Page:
S:PAM Lecture #23 - Eylül Fidan Akinci

When
27-02-2019 from 17:30 to 19:30
Where
Auditorium Vandenhove, Vandenhove - Centrum voor Architectuur en Kunst, Rozier 1, 9000 Gent
Language
English
Organizer
Jasper Delbecke
Contact
jasper.delbecke@Ugent.be
Website
https://www.facebook.com/Studies-in-Performing-Arts-Media-184043531631001/
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Inhuman Attunements and Auto-Immunities: Eiko Otake and Mette Ingvartsen’s Choreographies towards Anthropocene Feminism.

Abstract

Engaging with the recent interest in the performativity of the nonhuman within theatre and performance studies, Eylül Fidan Akıncı examines this inquiry into contemporary choreography with a feminist lens. In her dissertation project A Girl is a Thing: Dramaturgies of Objects and Nature in Contemporary Choreography, Akinci focuses on performing objects and environments by asking what kind of responsibilities, representations, and affects their materiality provides within a choreographic composition, and how their involvement transforms the embodiment of human performers and audiences as well as the very notion of choreography itself. While investigating the mobilizations of matter in relation to the materialist theories, Akıncı asserts the centrality of feminist critiques of universal subjectivity and objectification for fully exploring the political stakes of nonhuman agency in performance.

In the S:PAM-lecture, Akıncı will present her research framework, and by drawing from feminist ecocriticism, connect and compare Eiko Otake and Mette Ingvartsen’s works as choreographic responses to the Anthropocene.

 

Biography 

Eylül Fidan Akıncı is a Ph.D. Candidate in Theatre and Performance program at The Graduate Center, City University of New York, and a visiting fellow at the Studies in Performing Arts & Media (S:PAM) research centre of Ghent University for 2018-2019. She published a book chapter on public protests in Turkey, “Sacred Children, Accursed Mothers: Performativities of Necropolitics and Mourning in Neoliberal Turkey” in Performance in a Militarized Culture (eds. Sara Brady and Lindsey Mantoan, Routledge, 2018). She participated in the ‘Choreography and Corporeality’-working group at IFTR, curated panels and presented at PSi –conferences (#22 & #23) and co-convened the working session “Bodies out in the Open: Necropolitics and Performance” at ASTR. She co-organized the “Approaching Dance” and “Objects of Study” conferences of Doctoral Theatre Students’ Association at the Graduate Center. She works independently as a performer and dramaturg across theatre and choreography.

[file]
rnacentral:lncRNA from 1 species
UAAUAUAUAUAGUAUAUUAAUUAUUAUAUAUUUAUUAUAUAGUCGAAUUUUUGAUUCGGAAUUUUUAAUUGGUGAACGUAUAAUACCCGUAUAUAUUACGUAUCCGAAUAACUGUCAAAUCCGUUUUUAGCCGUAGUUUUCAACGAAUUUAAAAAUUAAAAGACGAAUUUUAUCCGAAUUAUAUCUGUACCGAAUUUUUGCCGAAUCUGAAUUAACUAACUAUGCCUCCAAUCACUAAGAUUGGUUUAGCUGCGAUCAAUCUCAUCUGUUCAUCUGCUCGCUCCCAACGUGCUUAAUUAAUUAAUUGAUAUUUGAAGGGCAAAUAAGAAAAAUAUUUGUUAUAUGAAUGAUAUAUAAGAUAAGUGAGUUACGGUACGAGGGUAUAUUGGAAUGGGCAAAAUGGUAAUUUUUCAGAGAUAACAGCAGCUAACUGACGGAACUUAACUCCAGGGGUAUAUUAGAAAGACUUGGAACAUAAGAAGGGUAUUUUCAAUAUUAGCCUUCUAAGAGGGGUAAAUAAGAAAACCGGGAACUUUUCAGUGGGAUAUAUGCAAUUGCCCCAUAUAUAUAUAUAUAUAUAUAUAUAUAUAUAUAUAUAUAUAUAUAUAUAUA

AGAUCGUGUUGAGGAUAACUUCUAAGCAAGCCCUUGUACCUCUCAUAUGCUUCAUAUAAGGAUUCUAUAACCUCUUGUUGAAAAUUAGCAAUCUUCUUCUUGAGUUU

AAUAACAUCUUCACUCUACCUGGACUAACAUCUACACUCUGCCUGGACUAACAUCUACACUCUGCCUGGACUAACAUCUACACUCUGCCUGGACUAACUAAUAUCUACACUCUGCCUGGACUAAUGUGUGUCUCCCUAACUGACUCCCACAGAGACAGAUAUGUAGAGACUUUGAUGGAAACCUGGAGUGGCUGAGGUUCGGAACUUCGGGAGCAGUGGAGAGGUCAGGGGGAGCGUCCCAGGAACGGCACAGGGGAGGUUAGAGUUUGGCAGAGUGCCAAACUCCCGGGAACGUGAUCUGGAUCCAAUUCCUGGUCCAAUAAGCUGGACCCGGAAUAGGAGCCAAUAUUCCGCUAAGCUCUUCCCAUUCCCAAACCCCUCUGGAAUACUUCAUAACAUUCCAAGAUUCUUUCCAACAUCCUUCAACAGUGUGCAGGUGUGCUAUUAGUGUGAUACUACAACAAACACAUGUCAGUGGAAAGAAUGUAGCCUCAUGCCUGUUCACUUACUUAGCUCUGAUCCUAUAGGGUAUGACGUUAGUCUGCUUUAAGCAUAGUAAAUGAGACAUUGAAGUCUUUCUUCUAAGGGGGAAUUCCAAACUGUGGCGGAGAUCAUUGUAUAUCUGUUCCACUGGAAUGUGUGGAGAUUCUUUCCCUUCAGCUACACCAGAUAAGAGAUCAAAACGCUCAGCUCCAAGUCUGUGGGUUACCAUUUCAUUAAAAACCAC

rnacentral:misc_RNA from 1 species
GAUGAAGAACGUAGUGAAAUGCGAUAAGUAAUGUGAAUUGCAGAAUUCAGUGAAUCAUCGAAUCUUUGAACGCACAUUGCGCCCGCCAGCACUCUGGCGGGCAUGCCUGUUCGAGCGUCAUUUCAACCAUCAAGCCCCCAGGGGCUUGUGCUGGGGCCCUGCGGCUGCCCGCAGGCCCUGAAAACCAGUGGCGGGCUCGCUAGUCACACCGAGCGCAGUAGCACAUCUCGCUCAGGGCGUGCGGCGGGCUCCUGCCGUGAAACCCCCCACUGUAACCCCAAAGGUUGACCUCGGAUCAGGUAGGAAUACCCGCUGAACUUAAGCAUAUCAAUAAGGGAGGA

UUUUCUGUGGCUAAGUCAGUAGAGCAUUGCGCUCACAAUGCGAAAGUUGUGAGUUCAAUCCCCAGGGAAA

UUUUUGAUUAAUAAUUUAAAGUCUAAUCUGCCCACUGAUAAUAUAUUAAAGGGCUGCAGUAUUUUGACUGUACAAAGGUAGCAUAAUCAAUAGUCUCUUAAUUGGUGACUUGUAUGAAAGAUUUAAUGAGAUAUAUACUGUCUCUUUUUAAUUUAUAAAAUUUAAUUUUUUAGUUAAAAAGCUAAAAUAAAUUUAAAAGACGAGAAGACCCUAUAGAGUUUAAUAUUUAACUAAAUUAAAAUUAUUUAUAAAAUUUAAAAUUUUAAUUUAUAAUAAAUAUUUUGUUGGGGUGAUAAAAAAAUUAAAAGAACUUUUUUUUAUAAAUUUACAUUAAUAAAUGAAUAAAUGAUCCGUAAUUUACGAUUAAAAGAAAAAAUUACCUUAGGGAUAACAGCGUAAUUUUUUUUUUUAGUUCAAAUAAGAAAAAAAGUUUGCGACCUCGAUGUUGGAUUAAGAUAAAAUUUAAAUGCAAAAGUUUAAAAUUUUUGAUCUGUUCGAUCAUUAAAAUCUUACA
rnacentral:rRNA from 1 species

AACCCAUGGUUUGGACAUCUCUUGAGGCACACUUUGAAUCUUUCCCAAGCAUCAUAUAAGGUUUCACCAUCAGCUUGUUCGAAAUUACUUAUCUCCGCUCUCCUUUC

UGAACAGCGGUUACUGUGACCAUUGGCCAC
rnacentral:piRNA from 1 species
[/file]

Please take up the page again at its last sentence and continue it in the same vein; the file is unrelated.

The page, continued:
More on A Girl is a Thing: Dramaturgies of Objects and Nature in Contemporary Choreography

To delve deeper into the recent attention on the nonhuman and ecology in theatre and performance studies, Akinci puts feminist trajectories in new materialism, ecocriticism, and biopolitics in dialogue with contemporary choreography, which I construct as an original materialist methodology of embodied thinking, expressing, and relating. With this framework, she surveys performances dating between 1970-2017 by six women artists from Europe, Japan, and Korea—Pina Bausch, Eiko Otake, Mette Ingvartsen, La Ribot, Geumhyung Jeong, and Gisèle Vienne—and analyzes the ways in which materiality and materialist thinking actively participate in the composition and the reception of their works. Akinci investigates how the undoing of the subject-object and human-nature binaries intersects with the politics of gender and sexuality in their movement-research and dramaturgy. As the public discussion has recently been occupied with the concurrent problems of anthropogenic environmental destruction and the precarity of women’s bodily autonomy, this multi-focal approach reveals the necessity of surveying the theorizations of objects and nature together with the biopolitics of sex and gender under neoliberal modes of governance that permeate human and nonhuman life.

This research is generously supported by the Dissertation Year Fellowship from the Graduate Center, CUNY.